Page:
For the successful functioning of the team, the following are some principles and guidelines:

1)There can only be one head of a team, as seen in the role of "first among equals".
2)The team must be brought together by the Lord (Mk 16:20). If the Lord is not in it, then the team will fail. Each member must seek the Lord that this is His will that they work together. Too often the senior pastor gathers around him those whom he feels are "with him" and from them forms the leadership team. Having the same vision as the pastor or being particularly anointed in an area of ministry does not mean that God has put them into the same leadership team. The Law forbids the ox and the ass plowing together (Deut 22:10).
3)The team must be men whose hearts God has touched (1 Sam 10:26).
4)The team must keep the lines of communications open at all times. Avoid biased information, or inadequate information.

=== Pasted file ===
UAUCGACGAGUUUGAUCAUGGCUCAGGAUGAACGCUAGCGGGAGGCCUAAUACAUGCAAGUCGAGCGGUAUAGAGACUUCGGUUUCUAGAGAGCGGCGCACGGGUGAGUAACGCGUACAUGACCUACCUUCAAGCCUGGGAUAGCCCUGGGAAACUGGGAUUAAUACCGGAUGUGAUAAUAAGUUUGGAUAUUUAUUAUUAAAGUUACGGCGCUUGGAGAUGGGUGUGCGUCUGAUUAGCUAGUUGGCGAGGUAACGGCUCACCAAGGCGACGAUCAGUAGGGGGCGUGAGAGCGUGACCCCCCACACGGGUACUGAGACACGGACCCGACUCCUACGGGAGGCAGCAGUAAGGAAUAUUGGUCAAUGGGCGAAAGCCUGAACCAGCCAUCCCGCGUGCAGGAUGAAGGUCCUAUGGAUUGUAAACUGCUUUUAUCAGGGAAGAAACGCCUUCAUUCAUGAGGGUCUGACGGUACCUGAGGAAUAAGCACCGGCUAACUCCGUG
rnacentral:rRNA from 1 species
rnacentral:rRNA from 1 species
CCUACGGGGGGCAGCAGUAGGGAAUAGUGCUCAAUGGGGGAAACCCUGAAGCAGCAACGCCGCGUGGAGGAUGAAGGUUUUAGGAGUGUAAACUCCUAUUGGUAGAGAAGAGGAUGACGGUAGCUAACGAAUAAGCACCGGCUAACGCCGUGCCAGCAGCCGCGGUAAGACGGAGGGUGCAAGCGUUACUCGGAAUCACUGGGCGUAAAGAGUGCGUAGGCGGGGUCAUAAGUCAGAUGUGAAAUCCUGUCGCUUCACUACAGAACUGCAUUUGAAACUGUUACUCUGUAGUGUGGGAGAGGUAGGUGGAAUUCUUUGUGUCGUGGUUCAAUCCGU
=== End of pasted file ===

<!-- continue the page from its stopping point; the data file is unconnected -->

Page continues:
5)The team must be accountable for areas of responsibility.

We now see the purpose and blessings of team ministry. The blessing is to be found in the cluster of grapes, not in one grape alone (Isa 65:8). Some purposes and blessings of team ministry is as follows:

a)A team ministry provides a living demonstration of Body ministry (1 Cor 12).
b)Team ministry makes it easier to find the mind of the Lord and His will in things (Mt 18:19-20).
c)Team ministry is more effective and produces greater results (Ecc 4:9-12).
d)Team ministry provides for greater safety and checks and balances (Prov 11:14).
e)Team ministry helps guard against the immoral or pride or other snares set by the enemy which have ensnared many lone ministers.
f)Team ministry provides strength and encouragement for the ministries themselves (Ex 17:12).
g)More importantly, team ministry provides an opportunity for the development of disciples in the Lord and releasing their ministries. i.e. Timothy, Titus, Joshua, Elisha, all were trained under other ministries.

Training and Nuturing